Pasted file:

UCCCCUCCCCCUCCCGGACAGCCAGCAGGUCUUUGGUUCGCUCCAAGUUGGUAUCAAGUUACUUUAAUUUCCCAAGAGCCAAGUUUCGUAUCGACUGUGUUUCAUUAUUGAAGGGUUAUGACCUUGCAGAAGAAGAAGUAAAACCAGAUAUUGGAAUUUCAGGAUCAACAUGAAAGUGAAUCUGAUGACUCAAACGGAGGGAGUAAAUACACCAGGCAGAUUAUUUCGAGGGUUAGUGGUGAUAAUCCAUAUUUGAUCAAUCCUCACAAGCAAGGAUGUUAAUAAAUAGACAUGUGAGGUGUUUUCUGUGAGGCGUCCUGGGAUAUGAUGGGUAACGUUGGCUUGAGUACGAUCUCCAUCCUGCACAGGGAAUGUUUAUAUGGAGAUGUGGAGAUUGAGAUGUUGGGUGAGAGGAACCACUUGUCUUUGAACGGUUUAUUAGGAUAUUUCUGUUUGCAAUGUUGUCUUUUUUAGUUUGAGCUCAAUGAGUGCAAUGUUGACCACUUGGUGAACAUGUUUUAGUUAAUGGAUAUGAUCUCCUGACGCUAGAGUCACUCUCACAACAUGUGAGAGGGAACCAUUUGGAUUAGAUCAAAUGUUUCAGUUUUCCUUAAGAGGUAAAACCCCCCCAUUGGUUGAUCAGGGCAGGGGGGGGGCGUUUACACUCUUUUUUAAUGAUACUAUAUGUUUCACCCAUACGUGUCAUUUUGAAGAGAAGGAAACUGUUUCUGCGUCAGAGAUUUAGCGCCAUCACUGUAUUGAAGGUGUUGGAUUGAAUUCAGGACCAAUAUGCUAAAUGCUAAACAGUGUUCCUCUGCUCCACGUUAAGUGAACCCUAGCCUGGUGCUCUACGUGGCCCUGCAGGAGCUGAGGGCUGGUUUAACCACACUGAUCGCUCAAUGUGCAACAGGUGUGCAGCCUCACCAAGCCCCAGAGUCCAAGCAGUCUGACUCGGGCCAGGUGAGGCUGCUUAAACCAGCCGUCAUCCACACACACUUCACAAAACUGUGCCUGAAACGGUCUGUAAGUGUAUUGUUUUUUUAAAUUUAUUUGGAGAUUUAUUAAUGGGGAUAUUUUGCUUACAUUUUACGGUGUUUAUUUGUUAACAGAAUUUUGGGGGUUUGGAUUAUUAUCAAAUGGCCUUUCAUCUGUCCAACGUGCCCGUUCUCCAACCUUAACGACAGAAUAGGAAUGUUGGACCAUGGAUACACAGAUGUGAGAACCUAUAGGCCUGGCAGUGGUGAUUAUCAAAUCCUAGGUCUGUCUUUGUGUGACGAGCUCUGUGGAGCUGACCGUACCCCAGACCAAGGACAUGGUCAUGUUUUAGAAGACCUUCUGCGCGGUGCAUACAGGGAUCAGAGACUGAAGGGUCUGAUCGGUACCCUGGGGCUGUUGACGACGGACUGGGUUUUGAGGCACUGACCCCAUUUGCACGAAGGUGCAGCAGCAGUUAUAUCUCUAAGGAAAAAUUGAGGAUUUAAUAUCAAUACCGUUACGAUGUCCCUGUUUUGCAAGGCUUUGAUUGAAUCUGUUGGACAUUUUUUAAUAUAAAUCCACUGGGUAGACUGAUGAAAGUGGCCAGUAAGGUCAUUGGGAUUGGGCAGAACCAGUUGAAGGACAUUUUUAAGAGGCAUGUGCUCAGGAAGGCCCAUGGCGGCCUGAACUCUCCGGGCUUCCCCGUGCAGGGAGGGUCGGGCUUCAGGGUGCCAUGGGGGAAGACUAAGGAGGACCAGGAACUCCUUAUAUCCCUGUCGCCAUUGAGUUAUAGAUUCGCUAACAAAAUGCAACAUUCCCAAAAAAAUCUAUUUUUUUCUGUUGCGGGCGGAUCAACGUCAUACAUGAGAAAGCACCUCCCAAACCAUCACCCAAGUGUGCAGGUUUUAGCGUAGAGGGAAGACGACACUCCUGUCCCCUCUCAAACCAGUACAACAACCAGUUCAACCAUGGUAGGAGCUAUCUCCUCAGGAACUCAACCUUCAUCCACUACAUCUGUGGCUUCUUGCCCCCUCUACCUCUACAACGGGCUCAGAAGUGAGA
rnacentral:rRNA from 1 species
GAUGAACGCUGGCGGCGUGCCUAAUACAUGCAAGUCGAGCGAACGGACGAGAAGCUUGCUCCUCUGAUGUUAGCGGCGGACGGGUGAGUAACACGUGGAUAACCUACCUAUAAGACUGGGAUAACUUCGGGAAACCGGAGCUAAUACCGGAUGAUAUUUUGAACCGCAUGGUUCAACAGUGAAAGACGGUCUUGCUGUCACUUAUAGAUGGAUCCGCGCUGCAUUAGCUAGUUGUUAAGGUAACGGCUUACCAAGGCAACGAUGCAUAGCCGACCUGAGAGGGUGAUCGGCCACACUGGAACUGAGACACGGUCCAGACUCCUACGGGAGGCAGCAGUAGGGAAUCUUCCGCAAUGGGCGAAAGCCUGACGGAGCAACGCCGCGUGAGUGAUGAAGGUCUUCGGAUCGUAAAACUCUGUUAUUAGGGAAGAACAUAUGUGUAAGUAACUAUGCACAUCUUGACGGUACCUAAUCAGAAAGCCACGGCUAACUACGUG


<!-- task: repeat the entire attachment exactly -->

UCCCCUCCCCCUCCCGGACAGCCAGCAGGUCUUUGGUUCGCUCCAAGUUGGUAUCAAGUUACUUUAAUUUCCCAAGAGCCAAGUUUCGUAUCGACUGUGUUUCAUUAUUGAAGGGUUAUGACCUUGCAGAAGAAGAAGUAAAACCAGAUAUUGGAAUUUCAGGAUCAACAUGAAAGUGAAUCUGAUGACUCAAACGGAGGGAGUAAAUACACCAGGCAGAUUAUUUCGAGGGUUAGUGGUGAUAAUCCAUAUUUGAUCAAUCCUCACAAGCAAGGAUGUUAAUAAAUAGACAUGUGAGGUGUUUUCUGUGAGGCGUCCUGGGAUAUGAUGGGUAACGUUGGCUUGAGUACGAUCUCCAUCCUGCACAGGGAAUGUUUAUAUGGAGAUGUGGAGAUUGAGAUGUUGGGUGAGAGGAACCACUUGUCUUUGAACGGUUUAUUAGGAUAUUUCUGUUUGCAAUGUUGUCUUUUUUAGUUUGAGCUCAAUGAGUGCAAUGUUGACCACUUGGUGAACAUGUUUUAGUUAAUGGAUAUGAUCUCCUGACGCUAGAGUCACUCUCACAACAUGUGAGAGGGAACCAUUUGGAUUAGAUCAAAUGUUUCAGUUUUCCUUAAGAGGUAAAACCCCCCCAUUGGUUGAUCAGGGCAGGGGGGGGGCGUUUACACUCUUUUUUAAUGAUACUAUAUGUUUCACCCAUACGUGUCAUUUUGAAGAGAAGGAAACUGUUUCUGCGUCAGAGAUUUAGCGCCAUCACUGUAUUGAAGGUGUUGGAUUGAAUUCAGGACCAAUAUGCUAAAUGCUAAACAGUGUUCCUCUGCUCCACGUUAAGUGAACCCUAGCCUGGUGCUCUACGUGGCCCUGCAGGAGCUGAGGGCUGGUUUAACCACACUGAUCGCUCAAUGUGCAACAGGUGUGCAGCCUCACCAAGCCCCAGAGUCCAAGCAGUCUGACUCGGGCCAGGUGAGGCUGCUUAAACCAGCCGUCAUCCACACACACUUCACAAAACUGUGCCUGAAACGGUCUGUAAGUGUAUUGUUUUUUUAAAUUUAUUUGGAGAUUUAUUAAUGGGGAUAUUUUGCUUACAUUUUACGGUGUUUAUUUGUUAACAGAAUUUUGGGGGUUUGGAUUAUUAUCAAAUGGCCUUUCAUCUGUCCAACGUGCCCGUUCUCCAACCUUAACGACAGAAUAGGAAUGUUGGACCAUGGAUACACAGAUGUGAGAACCUAUAGGCCUGGCAGUGGUGAUUAUCAAAUCCUAGGUCUGUCUUUGUGUGACGAGCUCUGUGGAGCUGACCGUACCCCAGACCAAGGACAUGGUCAUGUUUUAGAAGACCUUCUGCGCGGUGCAUACAGGGAUCAGAGACUGAAGGGUCUGAUCGGUACCCUGGGGCUGUUGACGACGGACUGGGUUUUGAGGCACUGACCCCAUUUGCACGAAGGUGCAGCAGCAGUUAUAUCUCUAAGGAAAAAUUGAGGAUUUAAUAUCAAUACCGUUACGAUGUCCCUGUUUUGCAAGGCUUUGAUUGAAUCUGUUGGACAUUUUUUAAUAUAAAUCCACUGGGUAGACUGAUGAAAGUGGCCAGUAAGGUCAUUGGGAUUGGGCAGAACCAGUUGAAGGACAUUUUUAAGAGGCAUGUGCUCAGGAAGGCCCAUGGCGGCCUGAACUCUCCGGGCUUCCCCGUGCAGGGAGGGUCGGGCUUCAGGGUGCCAUGGGGGAAGACUAAGGAGGACCAGGAACUCCUUAUAUCCCUGUCGCCAUUGAGUUAUAGAUUCGCUAACAAAAUGCAACAUUCCCAAAAAAAUCUAUUUUUUUCUGUUGCGGGCGGAUCAACGUCAUACAUGAGAAAGCACCUCCCAAACCAUCACCCAAGUGUGCAGGUUUUAGCGUAGAGGGAAGACGACACUCCUGUCCCCUCUCAAACCAGUACAACAACCAGUUCAACCAUGGUAGGAGCUAUCUCCUCAGGAACUCAACCUUCAUCCACUACAUCUGUGGCUUCUUGCCCCCUCUACCUCUACAACGGGCUCAGAAGUGAGA
rnacentral:rRNA from 1 species
GAUGAACGCUGGCGGCGUGCCUAAUACAUGCAAGUCGAGCGAACGGACGAGAAGCUUGCUCCUCUGAUGUUAGCGGCGGACGGGUGAGUAACACGUGGAUAACCUACCUAUAAGACUGGGAUAACUUCGGGAAACCGGAGCUAAUACCGGAUGAUAUUUUGAACCGCAUGGUUCAACAGUGAAAGACGGUCUUGCUGUCACUUAUAGAUGGAUCCGCGCUGCAUUAGCUAGUUGUUAAGGUAACGGCUUACCAAGGCAACGAUGCAUAGCCGACCUGAGAGGGUGAUCGGCCACACUGGAACUGAGACACGGUCCAGACUCCUACGGGAGGCAGCAGUAGGGAAUCUUCCGCAAUGGGCGAAAGCCUGACGGAGCAACGCCGCGUGAGUGAUGAAGGUCUUCGGAUCGUAAAACUCUGUUAUUAGGGAAGAACAUAUGUGUAAGUAACUAUGCACAUCUUGACGGUACCUAAUCAGAAAGCCACGGCUAACUACGUG